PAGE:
The dozer blade floats on six 5/16" spacers in 1/2" holes in 1/8" thick urethane rubber sheet. This gives it 3/16" freedom of movement so it can lay flat on the floor.  The rubber (hopefully) will absorb shock.     The rubber assembly is screwed to the body with six #10 3/4" long self tapping screws.

Custom PC board with XBee radio, SparkFun 9DOF gyro/accelerometer/compass, Teensy 3.2 controller.  The power switch is the gold pad with brass screw on the left.  Turning screw shorts top to bottom traces on PCB and turns on power.   A pair of 12 amp Afro brushless ESCs with SimonK firmware from Hobby King are in 3D printed pockets between the motors.

The accelerometer is used to sense when the bot is inverted so the controls can be automatically reversed.   The gyro signal is used as heavy negative feedback to the steering.   Without it the bot is impossible to drive without severe steering overshoot.



The battery is stashed below the electronics.


Finished.  The top and bottom panels are .080 2024 aluminum.  Access to the power switch screw is via the black rubber gromment.


Here's a video of Noodles pushing stuff around and showing off. 


We will be at DragonCon Robot Battles on Sept 4 2016.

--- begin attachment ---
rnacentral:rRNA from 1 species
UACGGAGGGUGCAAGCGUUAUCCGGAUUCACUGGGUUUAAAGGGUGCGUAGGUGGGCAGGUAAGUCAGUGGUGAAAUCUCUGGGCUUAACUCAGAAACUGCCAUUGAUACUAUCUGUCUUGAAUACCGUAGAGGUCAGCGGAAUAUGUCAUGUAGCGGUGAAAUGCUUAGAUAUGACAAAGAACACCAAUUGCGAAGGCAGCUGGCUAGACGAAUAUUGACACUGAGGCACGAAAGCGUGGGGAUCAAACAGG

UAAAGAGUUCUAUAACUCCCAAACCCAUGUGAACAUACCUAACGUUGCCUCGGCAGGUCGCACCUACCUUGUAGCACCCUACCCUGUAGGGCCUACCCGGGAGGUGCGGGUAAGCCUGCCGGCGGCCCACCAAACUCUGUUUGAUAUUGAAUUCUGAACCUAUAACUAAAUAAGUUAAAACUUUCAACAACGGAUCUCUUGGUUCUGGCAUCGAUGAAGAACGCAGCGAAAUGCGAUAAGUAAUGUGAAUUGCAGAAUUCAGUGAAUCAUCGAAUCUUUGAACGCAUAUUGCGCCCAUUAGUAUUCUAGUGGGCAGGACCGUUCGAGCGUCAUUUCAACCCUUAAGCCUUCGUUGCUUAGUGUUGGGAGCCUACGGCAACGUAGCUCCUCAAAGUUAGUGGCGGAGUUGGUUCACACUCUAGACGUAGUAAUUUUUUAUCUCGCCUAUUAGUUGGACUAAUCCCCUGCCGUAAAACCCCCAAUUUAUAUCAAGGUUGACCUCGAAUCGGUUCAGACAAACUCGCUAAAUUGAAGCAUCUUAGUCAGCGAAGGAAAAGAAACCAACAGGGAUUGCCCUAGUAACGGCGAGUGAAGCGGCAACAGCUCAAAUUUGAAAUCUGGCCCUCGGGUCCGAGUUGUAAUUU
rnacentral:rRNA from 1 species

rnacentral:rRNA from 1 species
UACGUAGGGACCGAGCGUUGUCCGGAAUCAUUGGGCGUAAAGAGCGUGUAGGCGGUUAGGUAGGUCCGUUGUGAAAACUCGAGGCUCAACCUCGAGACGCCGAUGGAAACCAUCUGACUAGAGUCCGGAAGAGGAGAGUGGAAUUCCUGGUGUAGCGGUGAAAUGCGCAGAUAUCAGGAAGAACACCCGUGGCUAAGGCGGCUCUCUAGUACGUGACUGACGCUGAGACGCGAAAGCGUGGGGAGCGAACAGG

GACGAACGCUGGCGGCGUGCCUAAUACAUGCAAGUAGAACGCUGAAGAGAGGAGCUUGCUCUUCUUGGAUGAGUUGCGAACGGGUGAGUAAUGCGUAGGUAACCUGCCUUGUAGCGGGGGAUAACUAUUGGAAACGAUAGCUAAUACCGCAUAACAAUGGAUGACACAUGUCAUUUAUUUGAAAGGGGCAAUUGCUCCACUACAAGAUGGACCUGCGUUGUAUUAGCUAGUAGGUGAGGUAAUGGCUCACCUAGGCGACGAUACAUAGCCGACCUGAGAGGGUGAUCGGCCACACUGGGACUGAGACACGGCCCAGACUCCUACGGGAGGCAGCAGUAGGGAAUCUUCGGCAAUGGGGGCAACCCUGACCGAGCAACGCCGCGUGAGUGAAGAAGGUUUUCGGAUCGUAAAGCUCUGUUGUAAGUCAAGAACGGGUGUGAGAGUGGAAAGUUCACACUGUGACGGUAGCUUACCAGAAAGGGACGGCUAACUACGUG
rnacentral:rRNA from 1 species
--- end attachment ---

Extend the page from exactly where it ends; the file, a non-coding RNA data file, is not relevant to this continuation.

Sept. 4, 2016


 Robot Battles 60

Noodles fought Too Big To Flail,  Mobile Chernobyl, Gor Gor and won all by judges decision.  In the final he had to fight an extremely powerful egg beater spinner, Black Adder.   Noodles took hit after hit and kept on running.  Eventually Black Adder ripped off one of Noodles latex tire treads which got stuck in his weapon an stopped it cold. The rest was a pushing match with Noodles doing most of the pushing. Unfortunately I never quite got him to the pit.   It went to the judges who rendered a split decision for Noodles!  It was close.  They took a very long time to decide. 

The dozer blade now has several small dings and is a little warped in a couple places.  Damage photos below.

All the beetle weight fight videos are here on the Robot Battles YouTube channel.








Aug 25, 2017 Update


 I recently made a completely new front end for Noodles.  Gone is the S7 plow and in its place are 3 pointy probes ahead of a couple pieces of 3/16 UHMW.   The 3 probes are S7 hardened tool steel.  I bent the UHMW by heating in an oven to 330F then forced it into a wood form until cool.


Spring pins keep the rods from rotating and falling out yet allow up/down movement so it can run inverted.




A rubber band keeps the outer two rods spread apart. The rectangular slot in the mounting plate and the spring pins keep the rods from rotating.




 Final assembly.   


I also changed the wheel attachments .  Pool noodle segments are held on the vinyl tube axle with polycarbonate rods pushed through holes. 

Next event is Dragon Con Robot Battles Sep. 3, 2017 when physics, Murphy's law  and general randomness will judge the worthiness of these changes.